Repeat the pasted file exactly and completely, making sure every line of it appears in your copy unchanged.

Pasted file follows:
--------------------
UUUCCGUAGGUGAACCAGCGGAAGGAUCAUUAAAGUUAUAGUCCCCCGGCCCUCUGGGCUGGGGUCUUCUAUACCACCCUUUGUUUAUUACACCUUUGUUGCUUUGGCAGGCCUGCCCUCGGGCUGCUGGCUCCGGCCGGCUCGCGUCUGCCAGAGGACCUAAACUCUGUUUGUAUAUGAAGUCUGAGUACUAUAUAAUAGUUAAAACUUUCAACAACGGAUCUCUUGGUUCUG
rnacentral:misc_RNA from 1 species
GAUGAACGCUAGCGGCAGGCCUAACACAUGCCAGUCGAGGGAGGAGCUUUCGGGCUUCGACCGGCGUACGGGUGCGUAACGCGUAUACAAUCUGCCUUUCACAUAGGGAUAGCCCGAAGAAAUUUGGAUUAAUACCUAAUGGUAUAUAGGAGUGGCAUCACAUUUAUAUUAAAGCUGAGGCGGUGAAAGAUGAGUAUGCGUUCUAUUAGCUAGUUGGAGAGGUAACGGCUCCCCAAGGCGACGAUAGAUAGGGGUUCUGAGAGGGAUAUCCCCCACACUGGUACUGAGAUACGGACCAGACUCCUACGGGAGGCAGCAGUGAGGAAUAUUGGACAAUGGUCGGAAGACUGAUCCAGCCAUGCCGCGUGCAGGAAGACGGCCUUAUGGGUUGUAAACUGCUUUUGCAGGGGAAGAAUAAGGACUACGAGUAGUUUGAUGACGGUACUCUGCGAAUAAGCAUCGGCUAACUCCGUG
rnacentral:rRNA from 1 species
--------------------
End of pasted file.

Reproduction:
UUUCCGUAGGUGAACCAGCGGAAGGAUCAUUAAAGUUAUAGUCCCCCGGCCCUCUGGGCUGGGGUCUUCUAUACCACCCUUUGUUUAUUACACCUUUGUUGCUUUGGCAGGCCUGCCCUCGGGCUGCUGGCUCCGGCCGGCUCGCGUCUGCCAGAGGACCUAAACUCUGUUUGUAUAUGAAGUCUGAGUACUAUAUAAUAGUUAAAACUUUCAACAACGGAUCUCUUGGUUCUG
rnacentral:misc_RNA from 1 species
GAUGAACGCUAGCGGCAGGCCUAACACAUGCCAGUCGAGGGAGGAGCUUUCGGGCUUCGACCGGCGUACGGGUGCGUAACGCGUAUACAAUCUGCCUUUCACAUAGGGAUAGCCCGAAGAAAUUUGGAUUAAUACCUAAUGGUAUAUAGGAGUGGCAUCACAUUUAUAUUAAAGCUGAGGCGGUGAAAGAUGAGUAUGCGUUCUAUUAGCUAGUUGGAGAGGUAACGGCUCCCCAAGGCGACGAUAGAUAGGGGUUCUGAGAGGGAUAUCCCCCACACUGGUACUGAGAUACGGACCAGACUCCUACGGGAGGCAGCAGUGAGGAAUAUUGGACAAUGGUCGGAAGACUGAUCCAGCCAUGCCGCGUGCAGGAAGACGGCCUUAUGGGUUGUAAACUGCUUUUGCAGGGGAAGAAUAAGGACUACGAGUAGUUUGAUGACGGUACUCUGCGAAUAAGCAUCGGCUAACUCCGUG
rnacentral:rRNA from 1 species